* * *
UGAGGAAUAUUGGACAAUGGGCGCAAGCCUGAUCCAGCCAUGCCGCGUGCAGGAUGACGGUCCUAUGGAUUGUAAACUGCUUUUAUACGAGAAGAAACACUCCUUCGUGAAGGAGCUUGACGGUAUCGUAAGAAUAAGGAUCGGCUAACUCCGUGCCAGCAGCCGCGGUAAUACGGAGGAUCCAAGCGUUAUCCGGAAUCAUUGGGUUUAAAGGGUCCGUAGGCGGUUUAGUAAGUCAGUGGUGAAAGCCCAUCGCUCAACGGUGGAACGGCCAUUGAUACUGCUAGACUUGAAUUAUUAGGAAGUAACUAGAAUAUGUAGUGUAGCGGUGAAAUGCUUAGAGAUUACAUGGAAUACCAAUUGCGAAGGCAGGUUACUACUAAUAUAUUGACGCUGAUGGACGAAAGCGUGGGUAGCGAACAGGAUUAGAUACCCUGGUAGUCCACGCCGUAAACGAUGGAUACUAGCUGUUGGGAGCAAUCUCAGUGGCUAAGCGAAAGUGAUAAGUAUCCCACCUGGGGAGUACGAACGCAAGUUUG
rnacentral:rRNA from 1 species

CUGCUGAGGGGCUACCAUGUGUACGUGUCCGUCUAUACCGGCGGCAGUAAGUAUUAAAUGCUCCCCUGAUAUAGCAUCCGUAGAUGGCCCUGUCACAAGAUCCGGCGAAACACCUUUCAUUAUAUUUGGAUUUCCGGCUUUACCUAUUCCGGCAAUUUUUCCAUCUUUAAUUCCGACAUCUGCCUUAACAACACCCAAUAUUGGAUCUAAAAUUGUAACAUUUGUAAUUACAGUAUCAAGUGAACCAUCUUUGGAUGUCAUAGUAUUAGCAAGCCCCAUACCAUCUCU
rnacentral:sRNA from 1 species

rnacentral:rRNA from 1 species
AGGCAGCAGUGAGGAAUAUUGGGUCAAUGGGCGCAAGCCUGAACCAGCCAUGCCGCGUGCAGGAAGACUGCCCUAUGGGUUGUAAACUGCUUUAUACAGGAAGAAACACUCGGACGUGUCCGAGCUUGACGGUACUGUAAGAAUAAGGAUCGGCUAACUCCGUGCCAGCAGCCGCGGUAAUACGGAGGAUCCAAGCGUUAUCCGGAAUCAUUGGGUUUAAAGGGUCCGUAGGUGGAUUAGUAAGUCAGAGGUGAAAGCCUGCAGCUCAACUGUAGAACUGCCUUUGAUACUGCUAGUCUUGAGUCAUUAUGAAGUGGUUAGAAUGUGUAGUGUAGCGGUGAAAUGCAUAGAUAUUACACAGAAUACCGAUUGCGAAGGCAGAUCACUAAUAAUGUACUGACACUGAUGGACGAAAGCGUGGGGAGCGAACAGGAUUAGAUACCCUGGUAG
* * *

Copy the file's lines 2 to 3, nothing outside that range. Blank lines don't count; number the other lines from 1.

rnacentral:rRNA from 1 species

CUGCUGAGGGGCUACCAUGUGUACGUGUCCGUCUAUACCGGCGGCAGUAAGUAUUAAAUGCUCCCCUGAUAUAGCAUCCGUAGAUGGCCCUGUCACAAGAUCCGGCGAAACACCUUUCAUUAUAUUUGGAUUUCCGGCUUUACCUAUUCCGGCAAUUUUUCCAUCUUUAAUUCCGACAUCUGCCUUAACAACACCCAAUAUUGGAUCUAAAAUUGUAACAUUUGUAAUUACAGUAUCAAGUGAACCAUCUUUGGAUGUCAUAGUAUUAGCAAGCCCCAUACCAUCUCU